IMO, the ongoing "fuss" in the A.net threads is not without some basis in fact, as evidenced most recently by comments from Tim Clark of EK, which is, after all, the most significant customer of the A380, regarding the "progress"/status of the program, which seem less than enthusiastic, perhaps even somewhat skeptical:
Clark also says Airbus faces “huge hurdles” to meet its April 2007 target to deliver the first Engine Alliance GP7200-powered A380, of which Emirates is launch operator. “I don’t believe for a moment it won’t be tough,” he says. “So far, it’s so good, but cabin integration is an enormous challenge. If it is looking to go beyond that time we have asked them to be as candid as possible with us. But nothing would surprise us.”
Meanwhile, Emirates, which was the only non-package carrier or leasing company customer to hold firm orders for the A380F (the other customers are FedEx, United Parcel Service and International Lease Finance), has switched its contract for two freighters to the passenger version, taking its orders to 43 aircraft, plus two on lease.
“Final definition and specification freeze were proving elusive,” says Emirates president (airline) Tim Clark. “We needed to protect our delivery positions and switched the order to the passenger version. Once the freighter is ready, we will have another look.”
Beaucaire From Syria, joined Sep 2003, 5252 posts, RR: 26 Reply 14, posted (6 years 11 months 2 weeks 1 day 16 hours ago) and read 18764 times:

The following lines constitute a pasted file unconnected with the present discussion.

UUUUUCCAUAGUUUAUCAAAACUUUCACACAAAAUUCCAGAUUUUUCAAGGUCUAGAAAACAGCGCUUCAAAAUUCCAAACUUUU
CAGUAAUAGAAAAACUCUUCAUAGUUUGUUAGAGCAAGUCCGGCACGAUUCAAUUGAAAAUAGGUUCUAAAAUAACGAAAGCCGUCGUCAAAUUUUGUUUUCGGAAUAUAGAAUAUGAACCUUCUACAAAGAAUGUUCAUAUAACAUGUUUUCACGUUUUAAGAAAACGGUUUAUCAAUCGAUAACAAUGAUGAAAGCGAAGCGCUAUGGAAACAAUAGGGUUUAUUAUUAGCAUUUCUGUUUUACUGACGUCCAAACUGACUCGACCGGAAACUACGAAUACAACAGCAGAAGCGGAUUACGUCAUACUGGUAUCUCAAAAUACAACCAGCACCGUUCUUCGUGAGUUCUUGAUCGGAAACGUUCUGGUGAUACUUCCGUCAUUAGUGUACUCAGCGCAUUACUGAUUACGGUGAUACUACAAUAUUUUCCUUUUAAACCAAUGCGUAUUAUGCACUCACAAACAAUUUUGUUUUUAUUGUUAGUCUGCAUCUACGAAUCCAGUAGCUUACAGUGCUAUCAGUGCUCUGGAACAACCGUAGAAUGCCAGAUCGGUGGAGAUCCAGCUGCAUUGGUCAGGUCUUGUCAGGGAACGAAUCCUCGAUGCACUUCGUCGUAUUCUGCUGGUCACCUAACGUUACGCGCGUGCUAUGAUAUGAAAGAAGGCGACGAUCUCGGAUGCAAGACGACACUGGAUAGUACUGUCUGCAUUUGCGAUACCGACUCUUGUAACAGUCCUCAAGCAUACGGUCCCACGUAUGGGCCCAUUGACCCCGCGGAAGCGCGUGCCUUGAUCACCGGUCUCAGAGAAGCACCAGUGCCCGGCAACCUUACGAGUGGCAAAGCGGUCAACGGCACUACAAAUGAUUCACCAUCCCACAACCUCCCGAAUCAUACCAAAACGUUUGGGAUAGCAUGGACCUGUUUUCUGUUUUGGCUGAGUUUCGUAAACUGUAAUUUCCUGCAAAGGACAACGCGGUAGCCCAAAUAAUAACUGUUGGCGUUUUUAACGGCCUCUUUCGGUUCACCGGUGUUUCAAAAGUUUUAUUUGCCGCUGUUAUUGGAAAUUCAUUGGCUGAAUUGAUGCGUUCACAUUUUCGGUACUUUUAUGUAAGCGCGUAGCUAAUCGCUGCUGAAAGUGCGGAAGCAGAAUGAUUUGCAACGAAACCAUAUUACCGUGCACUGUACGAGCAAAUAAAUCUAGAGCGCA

Thanks for the great summary,Wings - it is so far a major achievment despite some setbacks in timing.
In ten years nobody will remember the missed deadlines of the A380,and passengers will equally enjoy their flights in the RRJ95,787,A370 and A380..
Everybody on this forum know about the complexities of a new transport system.
Why can't some just enjoy the fact a new plane is born....
Pbottenb From United States of America, joined Sep 2005, 431 posts, RR: 1 Reply 15, posted (6 years 11 months 2 weeks 1 day 16 hours ago) and read 18732 times:
Nice - The farther (further?) along this bird gets the more I like the way she looks. I have to admit that I hated her at first, but like a lot of women I know she is growing on me... The Singapore and Emirates liveries are particularly nice..
PolymerPlane From United States of America, joined May 2006, 991 posts, RR: 3 Reply 17, posted (6 years 11 months 2 weeks 1 day 15 hours ago) and read 18285 times:
Not to stir things up, but it seems to me that it takes an awful long time for A380 from first flight to EIS. I summarized a while ago, the time needed for each of Boeing's first in the family prototype from first flight to EIS. It spans between 10-12 months, including the first 747.
A380's first flight was in April 2005 with EIS is projected to be in December 2006. That is a good 19 months from first flight to EIS. I know it is "the most complicated" commercial aircraft ever flies. However, It takes almost twice the amount of time needed for flight testing, which is a pretty long time for me.
I do not know what is the norm in Airbus's aircraft families, but I bet it is not far from Boeing's.
I think it's just such an innovation that it needs more time. It's so big, so full of new things, and it's the first full 2 deck planes, it just needs more fine tuning I guess. Oh well, it may take longer but I think it's good to have long flight test to be sure all is really fine.
Anyway, can't wait to see it fly commercially!
It's not about AIRBUS. it's not about BOEING. It's all about the beauty of FLYING.